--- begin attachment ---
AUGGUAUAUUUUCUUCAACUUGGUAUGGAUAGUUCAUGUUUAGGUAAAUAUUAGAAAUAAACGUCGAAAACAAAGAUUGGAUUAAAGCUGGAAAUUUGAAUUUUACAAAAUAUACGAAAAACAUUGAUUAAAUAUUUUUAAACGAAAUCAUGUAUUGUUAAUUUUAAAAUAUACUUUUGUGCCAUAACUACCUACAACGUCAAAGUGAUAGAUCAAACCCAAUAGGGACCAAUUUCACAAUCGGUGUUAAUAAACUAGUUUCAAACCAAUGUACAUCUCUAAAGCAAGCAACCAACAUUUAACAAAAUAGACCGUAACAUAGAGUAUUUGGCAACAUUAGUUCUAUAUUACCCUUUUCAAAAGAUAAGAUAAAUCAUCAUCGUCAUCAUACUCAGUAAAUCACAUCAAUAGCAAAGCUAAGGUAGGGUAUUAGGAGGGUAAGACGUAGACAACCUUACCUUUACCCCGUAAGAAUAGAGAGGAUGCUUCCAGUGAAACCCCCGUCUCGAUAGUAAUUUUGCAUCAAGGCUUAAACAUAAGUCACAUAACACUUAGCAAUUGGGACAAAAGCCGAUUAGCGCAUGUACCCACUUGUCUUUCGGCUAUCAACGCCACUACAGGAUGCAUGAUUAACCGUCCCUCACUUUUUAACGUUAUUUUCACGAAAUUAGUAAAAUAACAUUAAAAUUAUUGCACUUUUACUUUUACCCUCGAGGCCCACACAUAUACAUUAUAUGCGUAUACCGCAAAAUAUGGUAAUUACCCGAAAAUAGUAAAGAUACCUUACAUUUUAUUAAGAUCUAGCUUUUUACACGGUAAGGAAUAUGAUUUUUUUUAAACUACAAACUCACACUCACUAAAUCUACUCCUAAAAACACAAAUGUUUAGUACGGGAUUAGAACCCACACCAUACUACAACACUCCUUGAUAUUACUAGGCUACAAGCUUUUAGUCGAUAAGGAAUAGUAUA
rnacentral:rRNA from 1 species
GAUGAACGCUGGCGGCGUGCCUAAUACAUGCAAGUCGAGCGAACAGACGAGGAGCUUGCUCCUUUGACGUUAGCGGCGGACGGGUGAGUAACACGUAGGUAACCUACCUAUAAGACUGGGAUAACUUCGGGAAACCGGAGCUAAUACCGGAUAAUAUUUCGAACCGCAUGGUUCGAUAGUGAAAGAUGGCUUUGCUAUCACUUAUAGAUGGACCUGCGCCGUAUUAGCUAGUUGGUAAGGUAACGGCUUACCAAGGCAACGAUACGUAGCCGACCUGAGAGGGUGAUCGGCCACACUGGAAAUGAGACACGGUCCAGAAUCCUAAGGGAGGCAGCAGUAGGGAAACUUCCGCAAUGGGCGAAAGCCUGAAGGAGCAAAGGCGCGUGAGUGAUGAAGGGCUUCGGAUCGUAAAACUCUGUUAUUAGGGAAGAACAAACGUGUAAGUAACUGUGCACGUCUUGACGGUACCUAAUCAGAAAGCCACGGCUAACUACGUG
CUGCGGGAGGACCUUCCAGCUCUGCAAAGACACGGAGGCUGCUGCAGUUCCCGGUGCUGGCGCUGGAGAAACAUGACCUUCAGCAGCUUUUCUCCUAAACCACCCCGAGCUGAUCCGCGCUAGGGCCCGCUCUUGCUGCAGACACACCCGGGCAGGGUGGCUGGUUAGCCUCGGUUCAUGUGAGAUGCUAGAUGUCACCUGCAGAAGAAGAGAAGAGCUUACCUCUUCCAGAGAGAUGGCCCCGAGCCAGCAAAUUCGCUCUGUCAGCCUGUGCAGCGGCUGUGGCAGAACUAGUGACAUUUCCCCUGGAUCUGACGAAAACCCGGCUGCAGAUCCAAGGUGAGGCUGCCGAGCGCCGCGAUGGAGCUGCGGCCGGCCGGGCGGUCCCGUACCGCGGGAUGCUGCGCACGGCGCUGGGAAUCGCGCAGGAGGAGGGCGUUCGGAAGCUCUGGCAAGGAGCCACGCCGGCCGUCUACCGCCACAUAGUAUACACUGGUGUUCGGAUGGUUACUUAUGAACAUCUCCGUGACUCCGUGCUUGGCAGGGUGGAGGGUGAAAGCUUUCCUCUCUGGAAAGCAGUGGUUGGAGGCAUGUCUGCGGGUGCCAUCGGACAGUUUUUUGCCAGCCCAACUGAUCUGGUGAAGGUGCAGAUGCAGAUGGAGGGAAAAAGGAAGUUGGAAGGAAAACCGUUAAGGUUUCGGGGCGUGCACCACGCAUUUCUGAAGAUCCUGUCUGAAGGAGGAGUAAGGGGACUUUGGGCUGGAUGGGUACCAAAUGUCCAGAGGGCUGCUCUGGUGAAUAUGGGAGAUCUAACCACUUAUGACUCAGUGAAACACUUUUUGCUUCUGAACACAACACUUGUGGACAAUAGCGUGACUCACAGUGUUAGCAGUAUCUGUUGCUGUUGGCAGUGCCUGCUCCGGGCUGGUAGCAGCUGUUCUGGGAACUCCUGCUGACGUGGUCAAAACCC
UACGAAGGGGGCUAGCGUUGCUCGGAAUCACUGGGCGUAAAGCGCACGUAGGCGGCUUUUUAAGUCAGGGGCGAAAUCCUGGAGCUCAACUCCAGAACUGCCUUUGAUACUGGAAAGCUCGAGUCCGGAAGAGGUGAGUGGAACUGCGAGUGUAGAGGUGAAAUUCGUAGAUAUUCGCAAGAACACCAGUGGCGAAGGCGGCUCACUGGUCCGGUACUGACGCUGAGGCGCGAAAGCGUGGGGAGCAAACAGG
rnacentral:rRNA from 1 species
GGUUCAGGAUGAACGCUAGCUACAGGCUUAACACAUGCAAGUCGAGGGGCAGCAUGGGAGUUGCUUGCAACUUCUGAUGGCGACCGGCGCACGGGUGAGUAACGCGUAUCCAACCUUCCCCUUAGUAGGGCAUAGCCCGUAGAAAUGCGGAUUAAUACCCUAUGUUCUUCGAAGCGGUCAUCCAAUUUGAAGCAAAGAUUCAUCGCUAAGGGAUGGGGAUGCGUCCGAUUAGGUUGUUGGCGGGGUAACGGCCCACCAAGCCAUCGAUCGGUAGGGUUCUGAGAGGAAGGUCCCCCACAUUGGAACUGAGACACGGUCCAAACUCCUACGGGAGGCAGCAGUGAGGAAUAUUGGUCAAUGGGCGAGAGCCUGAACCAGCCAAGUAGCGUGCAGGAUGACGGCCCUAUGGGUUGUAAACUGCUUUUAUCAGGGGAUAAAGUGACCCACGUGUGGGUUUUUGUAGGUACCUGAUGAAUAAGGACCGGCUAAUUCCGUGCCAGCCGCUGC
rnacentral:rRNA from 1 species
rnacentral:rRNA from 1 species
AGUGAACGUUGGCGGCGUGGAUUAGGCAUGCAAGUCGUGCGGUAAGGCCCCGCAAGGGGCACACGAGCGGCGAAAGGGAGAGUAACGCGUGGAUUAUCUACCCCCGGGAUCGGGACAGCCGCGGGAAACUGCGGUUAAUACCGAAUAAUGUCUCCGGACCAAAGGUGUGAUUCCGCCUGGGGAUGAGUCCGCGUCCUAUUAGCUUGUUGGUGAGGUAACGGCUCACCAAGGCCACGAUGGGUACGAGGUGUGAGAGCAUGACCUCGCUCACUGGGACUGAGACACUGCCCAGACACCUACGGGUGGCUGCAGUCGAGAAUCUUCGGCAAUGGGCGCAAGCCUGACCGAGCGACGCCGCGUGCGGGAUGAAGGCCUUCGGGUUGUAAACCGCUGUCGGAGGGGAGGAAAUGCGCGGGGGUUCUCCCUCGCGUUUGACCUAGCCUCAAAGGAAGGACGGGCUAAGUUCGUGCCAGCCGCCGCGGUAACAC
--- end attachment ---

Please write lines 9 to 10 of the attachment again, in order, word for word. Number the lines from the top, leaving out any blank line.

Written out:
rnacentral:rRNA from 1 species
AGUGAACGUUGGCGGCGUGGAUUAGGCAUGCAAGUCGUGCGGUAAGGCCCCGCAAGGGGCACACGAGCGGCGAAAGGGAGAGUAACGCGUGGAUUAUCUACCCCCGGGAUCGGGACAGCCGCGGGAAACUGCGGUUAAUACCGAAUAAUGUCUCCGGACCAAAGGUGUGAUUCCGCCUGGGGAUGAGUCCGCGUCCUAUUAGCUUGUUGGUGAGGUAACGGCUCACCAAGGCCACGAUGGGUACGAGGUGUGAGAGCAUGACCUCGCUCACUGGGACUGAGACACUGCCCAGACACCUACGGGUGGCUGCAGUCGAGAAUCUUCGGCAAUGGGCGCAAGCCUGACCGAGCGACGCCGCGUGCGGGAUGAAGGCCUUCGGGUUGUAAACCGCUGUCGGAGGGGAGGAAAUGCGCGGGGGUUCUCCCUCGCGUUUGACCUAGCCUCAAAGGAAGGACGGGCUAAGUUCGUGCCAGCCGCCGCGGUAACAC